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Benjamnin F. Butler, Butler's Book: Autobiography and Personal Reminiscences of Major-General Benjamin Butler, Chapter 12: administration of finances, politics, and justice.--recall. (search)
ry kindly regard for Count Mejan, as he gave me a certificate of good manners. He wrote to his minister,--and it was filed in the State Department,--that General Butler can be very polite when he chooses. Thus matters remained until Seward sent that secession spy and agent, Reverdy Johnson, to New Orleans; and then the French consul asked for a pass to go to Washington and came back with an order on me to release him from his promises. Of course I obeyed orders. Shortly prior to Nov. 13, 1862, I was informed that our minister at Brussels had written to the State Department that the Confederate agents in Europe were embarrassed by the non-arrival of a large amount of coin from New Orleans, and that the purveyors of cloth could not be paid. One of these was the commissary-general of the French army, who sold the cloth from the army stores of the emperor to the rebels. But, the minister added, assurances are now given that the money is in the hands of the French consul, and wi
nteers. I recommend that Colonel Stevenson, for his efficient services on this march, and in the affair at Little Creek and Rawls's Mills, as well as previous services at the battles of Roanoke and Newbern, be promoted to the rank of Brigadier-General, to date from November third, 1862. I have the honor to be, very respectfully, your obedient servant. J. G. Foster, Major-General Commanding. Boston Transcript account. camp of the Fifth Massachusetts regiment, Newbern, N. C., Nov. 13, 1862. The Fifth Massachusetts regiment, since it left Boston on the twenty second of October, has endured a greater share of the hardships of war than usually falls to the lot of new regiments. During the brief time which it has been absent from Massachusetts, it has sailed over one thousand miles in crowded transports, marched one hundred and seven miles over wretched roads and in all varieties of weather, from burning heat to extreme cold and snow, camping without tents for more than a
Doc. 44.-message of Governor Brown. Executive Department, Milledgeville, Nov. 13, 1862. To the General Assembly: I communicate herewith a copy of a letter received on yesterday, from Col. Henry H. Floyd, commanding the militia of Camden County, informing me that on the fourth day of this month three companies of negroes were landed in St. Mary's, who, after insulting the few ladies remaining there, and taking every thing they could lay their hands upon, retired to their gunboats without the slightest molestation. On the same day, all the salt-works in the county were destroyed, except two, which, by this time, have capacity to turn out twenty-five or thirty bushels per day. Unless protection is afforded, these must soon share the same fate. The people on the coast possess large numbers of cattle, hogs, and other stock. The enemy leave their gun-boats, kill and carry off stock without opposition. The colonel asks for an order to call out the militia for three to six mont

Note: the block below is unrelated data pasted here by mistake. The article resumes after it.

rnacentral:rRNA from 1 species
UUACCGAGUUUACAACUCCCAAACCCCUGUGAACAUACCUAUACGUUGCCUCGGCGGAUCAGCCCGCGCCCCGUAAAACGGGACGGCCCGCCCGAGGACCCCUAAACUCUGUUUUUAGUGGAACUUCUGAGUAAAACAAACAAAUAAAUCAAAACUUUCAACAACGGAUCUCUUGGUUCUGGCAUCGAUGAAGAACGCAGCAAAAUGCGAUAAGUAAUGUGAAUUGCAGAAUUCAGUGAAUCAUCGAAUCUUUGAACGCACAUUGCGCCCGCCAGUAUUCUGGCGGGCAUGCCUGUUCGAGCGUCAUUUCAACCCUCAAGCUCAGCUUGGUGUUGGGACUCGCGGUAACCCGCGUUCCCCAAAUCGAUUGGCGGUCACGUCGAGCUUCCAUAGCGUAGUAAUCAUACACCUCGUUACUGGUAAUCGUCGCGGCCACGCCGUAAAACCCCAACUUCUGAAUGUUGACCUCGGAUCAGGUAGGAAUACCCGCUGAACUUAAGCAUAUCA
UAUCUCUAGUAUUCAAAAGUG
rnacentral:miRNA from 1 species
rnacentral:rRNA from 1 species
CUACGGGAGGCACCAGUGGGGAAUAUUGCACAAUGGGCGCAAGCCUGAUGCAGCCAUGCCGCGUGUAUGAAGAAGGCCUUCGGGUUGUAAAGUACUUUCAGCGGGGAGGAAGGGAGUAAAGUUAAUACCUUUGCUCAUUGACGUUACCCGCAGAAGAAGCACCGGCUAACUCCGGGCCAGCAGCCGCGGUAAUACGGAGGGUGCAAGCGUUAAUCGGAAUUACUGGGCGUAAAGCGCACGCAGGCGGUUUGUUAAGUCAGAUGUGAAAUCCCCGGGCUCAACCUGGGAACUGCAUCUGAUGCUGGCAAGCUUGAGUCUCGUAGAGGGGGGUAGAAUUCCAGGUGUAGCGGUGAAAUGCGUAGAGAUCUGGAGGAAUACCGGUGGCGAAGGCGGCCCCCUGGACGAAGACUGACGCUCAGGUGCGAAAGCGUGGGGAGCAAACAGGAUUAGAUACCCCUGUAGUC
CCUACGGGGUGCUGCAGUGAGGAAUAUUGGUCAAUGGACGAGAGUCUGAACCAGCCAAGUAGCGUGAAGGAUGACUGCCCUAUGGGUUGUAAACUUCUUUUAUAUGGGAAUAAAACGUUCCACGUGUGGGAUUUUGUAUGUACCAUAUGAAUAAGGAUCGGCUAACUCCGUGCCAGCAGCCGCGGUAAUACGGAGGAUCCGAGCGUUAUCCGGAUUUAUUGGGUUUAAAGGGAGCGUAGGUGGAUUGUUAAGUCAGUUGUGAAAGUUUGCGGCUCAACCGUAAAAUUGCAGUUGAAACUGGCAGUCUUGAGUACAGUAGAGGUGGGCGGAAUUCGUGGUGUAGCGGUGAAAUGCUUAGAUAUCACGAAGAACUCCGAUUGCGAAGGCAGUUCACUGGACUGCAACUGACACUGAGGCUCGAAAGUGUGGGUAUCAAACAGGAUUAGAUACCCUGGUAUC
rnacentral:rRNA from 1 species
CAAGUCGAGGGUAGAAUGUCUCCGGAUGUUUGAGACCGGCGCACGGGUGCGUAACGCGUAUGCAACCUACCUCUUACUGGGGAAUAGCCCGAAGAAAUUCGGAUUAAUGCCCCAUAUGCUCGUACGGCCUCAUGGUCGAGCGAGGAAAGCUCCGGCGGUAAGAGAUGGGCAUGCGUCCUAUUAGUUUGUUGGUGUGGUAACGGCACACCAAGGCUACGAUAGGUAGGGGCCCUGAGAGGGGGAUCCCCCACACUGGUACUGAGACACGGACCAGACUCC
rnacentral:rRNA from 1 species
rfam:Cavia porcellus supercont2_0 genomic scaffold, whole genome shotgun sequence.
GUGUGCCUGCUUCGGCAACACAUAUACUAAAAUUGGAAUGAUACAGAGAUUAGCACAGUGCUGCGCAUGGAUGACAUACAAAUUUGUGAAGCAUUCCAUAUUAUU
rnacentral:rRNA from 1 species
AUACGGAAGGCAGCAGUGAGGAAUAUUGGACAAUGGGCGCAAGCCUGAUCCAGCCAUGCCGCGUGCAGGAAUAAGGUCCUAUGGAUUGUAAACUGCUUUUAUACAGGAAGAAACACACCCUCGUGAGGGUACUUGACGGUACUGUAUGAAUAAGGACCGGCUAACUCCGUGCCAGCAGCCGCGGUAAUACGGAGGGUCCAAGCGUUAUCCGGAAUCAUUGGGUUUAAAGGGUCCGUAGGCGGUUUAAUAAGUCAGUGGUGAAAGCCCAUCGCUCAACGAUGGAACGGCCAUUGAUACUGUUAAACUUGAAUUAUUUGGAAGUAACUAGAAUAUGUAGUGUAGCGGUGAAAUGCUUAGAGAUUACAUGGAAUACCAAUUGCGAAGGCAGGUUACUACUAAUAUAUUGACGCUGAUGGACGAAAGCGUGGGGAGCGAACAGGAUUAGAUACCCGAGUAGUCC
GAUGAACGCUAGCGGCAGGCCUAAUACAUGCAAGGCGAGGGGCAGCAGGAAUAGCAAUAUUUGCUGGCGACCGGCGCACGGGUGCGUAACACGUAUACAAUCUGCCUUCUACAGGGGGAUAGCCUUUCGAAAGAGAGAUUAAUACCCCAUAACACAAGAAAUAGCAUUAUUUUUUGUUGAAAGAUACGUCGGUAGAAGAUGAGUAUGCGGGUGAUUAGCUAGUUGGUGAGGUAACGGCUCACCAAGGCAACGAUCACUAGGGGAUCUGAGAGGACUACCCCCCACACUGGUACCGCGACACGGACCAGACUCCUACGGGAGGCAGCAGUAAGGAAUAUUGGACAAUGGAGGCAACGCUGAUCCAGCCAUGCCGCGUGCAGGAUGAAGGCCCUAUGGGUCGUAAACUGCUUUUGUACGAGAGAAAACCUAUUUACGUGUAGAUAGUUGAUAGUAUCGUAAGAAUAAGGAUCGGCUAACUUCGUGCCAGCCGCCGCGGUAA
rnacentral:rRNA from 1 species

her glory. I feel confident it will be enough for me to state the necessity that exists to insure a supply of the article named. Let the people in each county and corporation in the State set to work immediately to procure whatever may be necessary for the soldiers from their immediate neighborhoods. Let them appoint a trusted agent to collect the articles that may be contributed, to carry them in person to the encampments, and to see to their proper distribution. These contributions will cheer and comfort thousands, and call down the blessings of heaven upon yourselves and families. The unusually early appearance of winter induces me to make the appeal now, and admonishes me to urge upon you to expedite your offerings. [L. S.] Given under my hand at Richmond, and under the seal of the Commonwealth, this thirteenth day of November, 1862, and in the eighty-seventh year of the Commonwealth. John Letcher. By the Governor: Geo. W. Munford, Secretary of the Commonwealth.
s hoped would take place during the armistice. The three powers would interfere only to smooth the obstacles, and only within the limits which the two interested parties would prescribe. The French government was of the opinion that, even in the event of a failure of immediate success, those overtures might have proved useful in leading the minds of men heated by passion to consider the advantages of conciliation and peace. The reply of Great Britain, through Lord John Russell, on November 13, 1862, is really contained in this extract: After weighing all the information which has been received from America, her Majesty's Government are led to the conclusion that there is no ground at the present moment to hope that the Federal Government would accept the proposal suggested, and a refusal from Washington at the present time would prevent any speedy renewal of the offer. The Russian Government, in reply, said: According to the information we have hitherto received, we
George Meade, The Life and Letters of George Gordon Meade, Major-General United States Army (ed. George Gordon Meade), chapter 4 (search)